It's a cut-throat world in crayfish society. When two unacquainted crustaceans meet, they battle it out to establish their social status and their resulting rank can affect other subsequent behaviours. Sawako Fujimoto, Bunpei Hirata and Toshiki Nagayama from Hokkaido University and Yamagata University, Japan, explain that stereotypical responses can be altered by a wide range of factors. The team were curious to find out how a crayfish's social status might affect one of its stereotypical responses: the avoidance reaction, when they respond to a perceived attack on their tail (p. 2718)
Fujimoto and her colleagues explain that crayfish react in one of two ways to a tap on the last segment of the tailfin. They either flee from the perceived attack or turn to take it on. The level of their response also depends on their social status, with dominant animals more likely to attack and subordinates more likely to escape. Starting out with isolated crayfish, the team tested the crustaceans' responses to the simulated attack and found that 90% of the animals fled. Then they paired crayfish together and allowed them to fight before retesting the animals' reactions. The winners switched their response from flight to fight, with 90% of the dominant crayfish aggressively curling their bodies and turning toward the tail. Next, the team pitted winners against winners to switch the loser's status and the newly subordinate crayfish changed their tail-tap response too, becoming more timid. Finally, when the team measured the spike pattern in the neurones that control the position of appendages on the tail tip, the spike pattern reversed when the crayfish's behaviour switched.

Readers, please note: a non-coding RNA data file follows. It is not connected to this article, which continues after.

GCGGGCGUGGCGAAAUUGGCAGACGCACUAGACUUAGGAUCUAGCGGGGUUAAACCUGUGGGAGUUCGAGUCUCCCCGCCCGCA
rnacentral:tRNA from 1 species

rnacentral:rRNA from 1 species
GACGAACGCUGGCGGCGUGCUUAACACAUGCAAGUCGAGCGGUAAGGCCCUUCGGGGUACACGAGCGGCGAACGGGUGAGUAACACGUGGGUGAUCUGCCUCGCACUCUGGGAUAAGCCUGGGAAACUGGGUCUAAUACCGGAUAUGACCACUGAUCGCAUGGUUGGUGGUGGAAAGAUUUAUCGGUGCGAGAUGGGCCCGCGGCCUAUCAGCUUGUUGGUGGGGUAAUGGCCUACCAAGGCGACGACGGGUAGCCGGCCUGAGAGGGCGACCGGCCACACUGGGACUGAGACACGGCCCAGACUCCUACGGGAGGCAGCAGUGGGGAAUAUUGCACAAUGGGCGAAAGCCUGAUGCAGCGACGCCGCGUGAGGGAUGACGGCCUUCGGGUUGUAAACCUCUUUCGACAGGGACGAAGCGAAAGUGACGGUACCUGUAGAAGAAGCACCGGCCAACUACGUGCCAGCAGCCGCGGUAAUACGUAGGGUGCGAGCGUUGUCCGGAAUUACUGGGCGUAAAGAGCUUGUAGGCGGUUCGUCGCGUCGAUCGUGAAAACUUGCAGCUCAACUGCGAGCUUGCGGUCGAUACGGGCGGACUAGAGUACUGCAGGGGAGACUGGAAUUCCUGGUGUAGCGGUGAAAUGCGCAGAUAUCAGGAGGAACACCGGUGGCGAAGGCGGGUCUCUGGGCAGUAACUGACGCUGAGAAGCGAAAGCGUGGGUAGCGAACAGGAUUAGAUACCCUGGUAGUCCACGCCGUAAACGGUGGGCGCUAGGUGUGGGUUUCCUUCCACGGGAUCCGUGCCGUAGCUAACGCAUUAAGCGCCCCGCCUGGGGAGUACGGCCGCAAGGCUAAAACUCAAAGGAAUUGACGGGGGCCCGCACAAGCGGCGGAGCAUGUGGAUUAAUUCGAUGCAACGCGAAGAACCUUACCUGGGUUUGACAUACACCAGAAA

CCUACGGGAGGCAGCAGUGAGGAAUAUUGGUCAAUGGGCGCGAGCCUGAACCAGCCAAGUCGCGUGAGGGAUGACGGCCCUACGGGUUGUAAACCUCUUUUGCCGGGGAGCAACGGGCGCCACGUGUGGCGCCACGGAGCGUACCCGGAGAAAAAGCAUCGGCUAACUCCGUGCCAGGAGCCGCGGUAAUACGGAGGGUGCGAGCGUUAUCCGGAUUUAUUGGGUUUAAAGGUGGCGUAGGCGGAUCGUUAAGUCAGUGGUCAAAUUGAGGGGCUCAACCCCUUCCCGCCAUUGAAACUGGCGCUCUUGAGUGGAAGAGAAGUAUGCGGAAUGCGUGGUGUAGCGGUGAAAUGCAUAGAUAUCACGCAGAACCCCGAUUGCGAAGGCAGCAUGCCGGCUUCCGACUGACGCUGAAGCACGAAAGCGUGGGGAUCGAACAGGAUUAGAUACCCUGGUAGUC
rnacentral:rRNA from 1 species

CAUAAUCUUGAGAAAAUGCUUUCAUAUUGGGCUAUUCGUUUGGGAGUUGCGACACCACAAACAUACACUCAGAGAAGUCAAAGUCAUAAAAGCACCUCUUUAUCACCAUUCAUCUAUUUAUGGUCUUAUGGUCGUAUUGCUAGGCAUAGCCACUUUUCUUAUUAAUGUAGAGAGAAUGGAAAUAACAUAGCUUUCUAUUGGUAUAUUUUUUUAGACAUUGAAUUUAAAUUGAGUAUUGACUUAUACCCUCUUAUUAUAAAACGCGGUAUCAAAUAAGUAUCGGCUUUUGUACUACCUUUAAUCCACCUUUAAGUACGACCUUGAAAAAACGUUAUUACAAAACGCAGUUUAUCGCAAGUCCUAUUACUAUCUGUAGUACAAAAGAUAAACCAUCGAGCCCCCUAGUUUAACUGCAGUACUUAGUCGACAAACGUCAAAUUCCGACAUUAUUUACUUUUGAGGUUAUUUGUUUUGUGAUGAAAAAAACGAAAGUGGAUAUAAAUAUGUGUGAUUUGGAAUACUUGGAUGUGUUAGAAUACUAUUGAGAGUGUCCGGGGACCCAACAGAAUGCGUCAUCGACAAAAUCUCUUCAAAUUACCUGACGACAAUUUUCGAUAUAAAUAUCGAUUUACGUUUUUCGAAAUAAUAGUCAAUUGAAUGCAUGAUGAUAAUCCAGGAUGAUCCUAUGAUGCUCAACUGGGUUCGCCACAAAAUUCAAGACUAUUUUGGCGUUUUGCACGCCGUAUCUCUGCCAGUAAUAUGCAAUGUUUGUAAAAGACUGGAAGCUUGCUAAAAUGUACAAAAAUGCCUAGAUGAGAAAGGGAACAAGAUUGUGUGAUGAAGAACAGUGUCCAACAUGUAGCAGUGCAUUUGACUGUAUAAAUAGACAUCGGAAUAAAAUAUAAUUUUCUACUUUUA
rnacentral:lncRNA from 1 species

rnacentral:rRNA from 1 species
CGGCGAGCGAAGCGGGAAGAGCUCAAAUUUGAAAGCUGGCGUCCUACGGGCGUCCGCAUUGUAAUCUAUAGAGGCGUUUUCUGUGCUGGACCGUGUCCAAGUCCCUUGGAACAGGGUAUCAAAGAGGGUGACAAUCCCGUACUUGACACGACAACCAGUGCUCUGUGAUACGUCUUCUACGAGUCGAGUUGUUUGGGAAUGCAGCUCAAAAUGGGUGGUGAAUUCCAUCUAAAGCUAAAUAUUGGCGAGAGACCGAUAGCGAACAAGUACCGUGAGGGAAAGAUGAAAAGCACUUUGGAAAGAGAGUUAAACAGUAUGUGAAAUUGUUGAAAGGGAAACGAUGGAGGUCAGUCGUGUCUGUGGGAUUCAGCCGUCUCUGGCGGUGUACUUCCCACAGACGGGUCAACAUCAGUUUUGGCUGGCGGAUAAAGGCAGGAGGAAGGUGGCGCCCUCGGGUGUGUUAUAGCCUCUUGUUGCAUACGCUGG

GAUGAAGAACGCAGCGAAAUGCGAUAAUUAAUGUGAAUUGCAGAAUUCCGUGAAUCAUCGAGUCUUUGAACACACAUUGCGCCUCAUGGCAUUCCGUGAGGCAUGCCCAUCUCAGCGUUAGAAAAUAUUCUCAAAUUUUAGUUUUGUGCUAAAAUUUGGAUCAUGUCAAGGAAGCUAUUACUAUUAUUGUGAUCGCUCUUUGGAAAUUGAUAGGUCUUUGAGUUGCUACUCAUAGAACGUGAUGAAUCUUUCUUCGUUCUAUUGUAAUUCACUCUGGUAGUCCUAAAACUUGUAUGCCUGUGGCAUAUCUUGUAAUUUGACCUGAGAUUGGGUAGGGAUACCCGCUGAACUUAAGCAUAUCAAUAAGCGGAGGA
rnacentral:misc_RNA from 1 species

Having shown that the crayfish's avoidance reaction is changeable and dependent on the crustacean's social status, the team says, `The neural mechanisms for this change in aggressiveness and behavioural choice in response to a stimulus are unclear and further neuroethological studies are necessary to clarify this point.'